But then I look at other women around me and see that just because they have a husband/partner doesn’t mean they have it better than me.
In relationships it’s all too easy to ‘mute’ who you are and defer to the man to do so-called ‘manly’ things, when you’re just as, if not more, capable of doing them too.
In fact, so used am I to just getting on and doing things myself that often left speechless when married mums get in a panic about doing things that going on a camping trip with their kids, or coping when their husband is away for a weekend. I feel a bit sorry for them!
[label type=”primary”]Related: [/label] 11 reasons to LOVE being a single mum
The stay-at-home mum myth
“My heart breaks for women who were fed the message that
stay-at-home moms are better moms and made a
big life-changing decisions as a result”.
I love Emma for addressing the very real fact of working mum guilt. Guilt that single mothers feel tenfold. But as Emma points out, and backs up with evidence, working is not only good for us, it’s good for our kids too.
What’s more the stay-at-home mum ‘ideal’ that we’ve all had stuffed down our throats – is a lie. It’s a myth created by the post-war advertising industry. Mothers, single or otherwise, are striving to achieve an ideal of family life that is pure fantasy.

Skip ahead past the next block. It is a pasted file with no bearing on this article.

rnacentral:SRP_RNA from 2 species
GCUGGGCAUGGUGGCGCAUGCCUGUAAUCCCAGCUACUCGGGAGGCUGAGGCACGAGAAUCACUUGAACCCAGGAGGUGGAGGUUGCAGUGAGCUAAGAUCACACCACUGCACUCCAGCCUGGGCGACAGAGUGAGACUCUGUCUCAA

We’re beating ourselves up for not having achieved something that a) never existed and b) wasn’t that great anyway. That conservatives and the right wing press use that lie as a stick to beat us single mums with is prepostorous.
Emma points out that at every point in history up women worked. Often that work was unpaid and unrecognised work on the family farm or in the family business. But communities throughout history wouldn’t have survived without the hard labour of women.
Yet somehow, now we’re supposed to devote ourselves to our kids full-time, staying at home to bake cakes and keep the house tidy.
Even I – a solo mama and proud feminist – still held in my mind that stay-at-home mum ideal. It’s hard not to be influenced by what’s shoved at your repeatedly by mainstream media. But reading this gave me permission to drop any fragment of guilt I feel about pursuing my professional dreams.
[label type=”primary”]Related: [/label]It’s time to say NO to working nine-to-five
As a financial journalist Emma’s practical advice about improving your financial position as a single mum is particularly strong. But some of her advice will be confronting for some.